Apr 9 Colloquium: "Automating Distributed Tiered Storage Management in Cluster Computing" -- Herodotos Herodotou

Series: Computer Science Colloquium 

Title: Automating Distributed Tiered Storage Management in Cluster Computing

Date: April 9, 2021 at 2:00pm

Presenter: Herodotos Herodotou
Assistant Professor, Department of Electrical Engineering, Computer Engineering and Informatics at the Cyprus University of Technology 

Place: Virtual meeting *  
* The above link works for those affiliated with the University of Pittsburgh. If you are not affiliated with the University of Pittsburgh, please email Heidi Davis at hld46@pitt.edu to obtain the meeting information.

Data-intensive platforms such as Hadoop and Spark are routinely used to process massive amounts of data residing on distributed file systems like HDFS. Increasing memory sizes and new hardware technologies (e.g., NVRAM, SSDs) have recently led to the introduction of storage tiering in such settings. However, users are now burdened with the additional complexity of managing the multiple storage tiers and the data residing on them, while trying to optimize their workloads. In this talk, I will present OctopusFS, a novel distributed file system that is aware of heterogeneous storage media (e.g., memory, SSDs, HDDs, NAS) with different capacities and performance characteristics. The system offers a variety of pluggable policies for automating data management across the storage tiers and cluster nodes. Smart placement and retrieval policies employ multi-objective optimization techniques for making intelligent data management decisions based on the requirements of fault tolerance, data and load balancing, and throughput maximization. In addition, redistribution policies employ machine learning for tracking and predicting file access patterns, which are used to decide when and which data to move up or down the storage tiers for increasing system performance. The approach uses incremental learning to dynamically refine the models with new file accesses, allowing them to naturally adjust and adapt to workload changes over time. Our extensive evaluation using realistic workloads derived from Facebook and CMU traces compares our approach with several other policies and showcases significant benefits in terms of both workload performance and cluster efficiency.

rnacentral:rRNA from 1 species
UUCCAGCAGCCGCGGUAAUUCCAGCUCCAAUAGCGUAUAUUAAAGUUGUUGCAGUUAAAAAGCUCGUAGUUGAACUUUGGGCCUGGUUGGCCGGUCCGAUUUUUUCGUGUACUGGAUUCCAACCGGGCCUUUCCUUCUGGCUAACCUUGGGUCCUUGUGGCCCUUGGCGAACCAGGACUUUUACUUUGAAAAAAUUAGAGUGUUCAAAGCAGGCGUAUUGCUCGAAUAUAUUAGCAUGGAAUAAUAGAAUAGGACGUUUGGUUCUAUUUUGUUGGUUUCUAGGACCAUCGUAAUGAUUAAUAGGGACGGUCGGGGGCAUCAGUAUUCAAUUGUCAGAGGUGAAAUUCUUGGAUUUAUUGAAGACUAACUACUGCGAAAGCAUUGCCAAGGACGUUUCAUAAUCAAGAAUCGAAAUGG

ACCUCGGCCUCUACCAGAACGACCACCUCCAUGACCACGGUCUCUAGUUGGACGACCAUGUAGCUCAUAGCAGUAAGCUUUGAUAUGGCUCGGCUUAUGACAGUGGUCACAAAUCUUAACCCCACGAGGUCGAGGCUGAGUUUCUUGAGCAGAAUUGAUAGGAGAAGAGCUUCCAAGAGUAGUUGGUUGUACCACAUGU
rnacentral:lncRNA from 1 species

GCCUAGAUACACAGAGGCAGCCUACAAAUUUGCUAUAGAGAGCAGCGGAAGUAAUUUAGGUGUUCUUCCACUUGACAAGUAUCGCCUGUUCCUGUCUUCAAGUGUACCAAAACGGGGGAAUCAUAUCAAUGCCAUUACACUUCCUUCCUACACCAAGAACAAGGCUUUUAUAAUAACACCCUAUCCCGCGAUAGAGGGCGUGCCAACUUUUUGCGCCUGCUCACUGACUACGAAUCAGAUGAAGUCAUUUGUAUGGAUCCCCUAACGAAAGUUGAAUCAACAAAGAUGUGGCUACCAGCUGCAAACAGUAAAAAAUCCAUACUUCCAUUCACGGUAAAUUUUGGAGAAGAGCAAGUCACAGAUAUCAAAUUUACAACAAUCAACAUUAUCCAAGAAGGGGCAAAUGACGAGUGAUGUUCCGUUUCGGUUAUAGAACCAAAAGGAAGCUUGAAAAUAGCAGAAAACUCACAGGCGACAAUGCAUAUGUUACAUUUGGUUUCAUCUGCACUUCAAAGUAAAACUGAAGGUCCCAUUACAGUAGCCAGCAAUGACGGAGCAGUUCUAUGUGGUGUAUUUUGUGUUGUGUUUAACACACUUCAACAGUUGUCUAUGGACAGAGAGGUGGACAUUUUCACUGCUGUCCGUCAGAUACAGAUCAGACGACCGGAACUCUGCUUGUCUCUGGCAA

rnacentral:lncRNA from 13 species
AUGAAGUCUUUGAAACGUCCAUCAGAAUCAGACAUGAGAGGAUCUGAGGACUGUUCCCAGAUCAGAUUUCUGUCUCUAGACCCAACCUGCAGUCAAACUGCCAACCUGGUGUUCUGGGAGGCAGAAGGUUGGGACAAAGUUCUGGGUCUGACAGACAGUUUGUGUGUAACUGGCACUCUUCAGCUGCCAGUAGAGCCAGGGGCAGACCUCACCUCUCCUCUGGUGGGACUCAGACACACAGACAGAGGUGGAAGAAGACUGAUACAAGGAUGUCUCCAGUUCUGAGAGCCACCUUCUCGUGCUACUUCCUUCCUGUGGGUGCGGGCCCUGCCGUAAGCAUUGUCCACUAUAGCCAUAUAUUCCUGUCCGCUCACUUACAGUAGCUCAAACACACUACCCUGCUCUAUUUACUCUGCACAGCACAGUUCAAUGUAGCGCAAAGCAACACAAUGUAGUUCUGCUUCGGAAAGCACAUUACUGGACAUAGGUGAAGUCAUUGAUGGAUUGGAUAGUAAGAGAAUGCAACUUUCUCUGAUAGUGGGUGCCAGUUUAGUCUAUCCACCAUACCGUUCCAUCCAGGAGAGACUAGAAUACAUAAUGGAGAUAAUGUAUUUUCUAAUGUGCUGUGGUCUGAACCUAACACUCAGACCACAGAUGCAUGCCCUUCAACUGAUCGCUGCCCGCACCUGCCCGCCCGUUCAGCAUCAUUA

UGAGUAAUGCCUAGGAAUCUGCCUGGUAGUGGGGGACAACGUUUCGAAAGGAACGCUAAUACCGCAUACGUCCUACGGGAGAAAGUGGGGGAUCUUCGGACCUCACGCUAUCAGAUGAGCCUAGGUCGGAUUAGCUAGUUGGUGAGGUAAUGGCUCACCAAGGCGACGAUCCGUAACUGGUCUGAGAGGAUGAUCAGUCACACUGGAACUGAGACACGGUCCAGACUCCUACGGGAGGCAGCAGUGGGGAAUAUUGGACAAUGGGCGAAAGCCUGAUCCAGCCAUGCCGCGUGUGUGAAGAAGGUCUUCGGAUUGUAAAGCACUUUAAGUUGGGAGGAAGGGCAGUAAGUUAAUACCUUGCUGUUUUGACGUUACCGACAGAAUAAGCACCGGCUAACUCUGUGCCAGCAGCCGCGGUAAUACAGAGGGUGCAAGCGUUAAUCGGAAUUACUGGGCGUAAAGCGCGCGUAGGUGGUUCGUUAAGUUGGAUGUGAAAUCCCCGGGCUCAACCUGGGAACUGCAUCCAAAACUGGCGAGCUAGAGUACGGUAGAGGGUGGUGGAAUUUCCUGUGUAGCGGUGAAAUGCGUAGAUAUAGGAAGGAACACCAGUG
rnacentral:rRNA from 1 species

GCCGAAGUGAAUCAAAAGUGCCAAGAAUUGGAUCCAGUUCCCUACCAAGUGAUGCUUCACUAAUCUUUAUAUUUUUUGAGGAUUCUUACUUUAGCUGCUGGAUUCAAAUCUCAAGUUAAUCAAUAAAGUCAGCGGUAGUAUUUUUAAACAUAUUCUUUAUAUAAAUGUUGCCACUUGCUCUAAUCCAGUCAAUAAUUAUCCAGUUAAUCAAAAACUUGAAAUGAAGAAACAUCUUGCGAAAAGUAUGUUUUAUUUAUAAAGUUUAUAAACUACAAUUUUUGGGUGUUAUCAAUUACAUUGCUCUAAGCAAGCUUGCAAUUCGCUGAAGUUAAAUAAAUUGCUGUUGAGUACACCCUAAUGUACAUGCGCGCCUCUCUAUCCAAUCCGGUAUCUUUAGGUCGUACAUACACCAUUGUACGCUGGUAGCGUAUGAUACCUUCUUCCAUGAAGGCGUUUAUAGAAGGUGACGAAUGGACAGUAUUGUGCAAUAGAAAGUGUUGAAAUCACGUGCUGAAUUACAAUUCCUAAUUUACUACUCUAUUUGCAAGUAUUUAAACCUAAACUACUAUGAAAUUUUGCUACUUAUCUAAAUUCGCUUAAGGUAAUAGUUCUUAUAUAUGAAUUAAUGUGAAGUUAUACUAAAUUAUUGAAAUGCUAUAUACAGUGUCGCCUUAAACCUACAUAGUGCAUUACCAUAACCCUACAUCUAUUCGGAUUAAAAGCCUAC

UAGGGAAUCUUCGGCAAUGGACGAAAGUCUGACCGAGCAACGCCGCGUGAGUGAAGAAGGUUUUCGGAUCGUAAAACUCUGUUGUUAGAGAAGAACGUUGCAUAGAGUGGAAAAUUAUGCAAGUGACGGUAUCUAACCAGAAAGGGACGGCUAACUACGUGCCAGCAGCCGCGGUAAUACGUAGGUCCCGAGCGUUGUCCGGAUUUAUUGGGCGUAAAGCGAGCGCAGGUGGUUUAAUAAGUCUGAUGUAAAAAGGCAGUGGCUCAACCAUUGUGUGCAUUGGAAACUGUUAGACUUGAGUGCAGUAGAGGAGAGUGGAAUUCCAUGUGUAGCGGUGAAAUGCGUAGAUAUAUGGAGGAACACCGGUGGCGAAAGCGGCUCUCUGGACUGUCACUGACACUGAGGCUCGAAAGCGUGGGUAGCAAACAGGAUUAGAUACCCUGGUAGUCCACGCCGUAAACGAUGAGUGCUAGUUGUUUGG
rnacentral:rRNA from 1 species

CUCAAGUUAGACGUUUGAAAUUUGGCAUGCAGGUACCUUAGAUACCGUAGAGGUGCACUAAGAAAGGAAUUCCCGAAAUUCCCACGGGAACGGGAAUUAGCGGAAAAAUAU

Herodotos Herodotou is an Assistant Professor in the Department of Electrical Engineering, Computer Engineering and Informatics at the Cyprus University of Technology, where he is leading the Data Intensive Computing Research Lab. He received his Ph.D. in Computer Science from Duke University. His Ph.D. dissertation work on building a self-tuning system for big data analytics received the ACM SIGMOD Jim Gray Doctoral Dissertation Award Honorable Mention as well as the Outstanding Ph.D. Dissertation Award in Computer Science at Duke. Before joining CUT, he held research positions at Microsoft Research, Yahoo! Labs, and Aster Data. His research interests are in large-scale Data Processing Systems, Database Systems, and Cloud Computing. In particular, his work focuses on ease-of-use, manageability, and automated tuning of both centralized and distributed data-intensive computing systems. In addition, he is interested in applying database techniques in other areas like maritime informatics, scientific computing, bioinformatics, and social computing. His research work to date has been published in several top scientific conferences and journals, two books, and two book chapters, while he is actively participating in multiple European and nationally funded projects.

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